The Khaki Campbell is one of the more famous and popular duck breeds due to its excellent egg production.
It was introduced in 1901 by Mrs. Adele Campbell of Gloucestershire, England. She experimented with Runners crossed with Rouen and Mallards but never revealed
the exact genetic makeup of her Campbells. The advantage over the pure Runner was a more useful carcass for meat and improved egg production.
Though they have been turned into an exhibition type breed, she was adamant that her birds were designed for production, not the exhibition hall.
Initially they were a fairly mixed color breed but later an emphasis was placed on the current khaki color. It is interesting that at the same time the
khaki color was being bred into the Campbell, there was a patriotic fervor for the British troops fighting the Boer War who also wore the khaki color.
Once the "Khaki" was attached to "Campbell", the breed gained even more popularity. The Khaki Campbell gained even more renown due to the egg laying contests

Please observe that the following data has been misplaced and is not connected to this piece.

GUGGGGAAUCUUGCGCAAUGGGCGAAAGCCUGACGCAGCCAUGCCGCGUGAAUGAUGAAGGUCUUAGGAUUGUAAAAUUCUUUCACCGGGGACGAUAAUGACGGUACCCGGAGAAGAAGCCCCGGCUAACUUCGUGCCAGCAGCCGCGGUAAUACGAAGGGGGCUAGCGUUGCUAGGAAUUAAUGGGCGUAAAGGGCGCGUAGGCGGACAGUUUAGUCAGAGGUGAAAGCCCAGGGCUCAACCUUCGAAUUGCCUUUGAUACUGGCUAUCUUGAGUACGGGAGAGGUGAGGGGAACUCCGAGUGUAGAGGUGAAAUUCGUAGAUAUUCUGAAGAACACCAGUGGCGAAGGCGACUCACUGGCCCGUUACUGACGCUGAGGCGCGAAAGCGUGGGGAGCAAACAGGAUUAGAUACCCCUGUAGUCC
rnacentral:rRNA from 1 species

where it averaged up to 39 more eggs laid than the second best breed. One Khaki Campbell laid 346 eggs in 365 days while another laid one egg a day for 225
Khaki Campbells gained even more notoriety with the standards established by the Jansen family of Holland who had up to 50,000 ducks laying at a time with
egg production averages of 335-340 eggs in 365 days during the 1950s. They started in production at about 20 weeks of age and egg size averaged 72 grams
(2.6 ounces). Mortality during growth and their first year of egg production was only 2.5%. Interestingly, each duck was penned in its own pen and shelter
which surely contributed to their outstanding production. Eventually the Jansen flock was dispersed but the Khaki Campbell tradition was carried on by the
Kortlang family in England who still breeds them. John Metzer has visited the Kortlang farm and our Khaki Campbells have some Kortlang blood in them.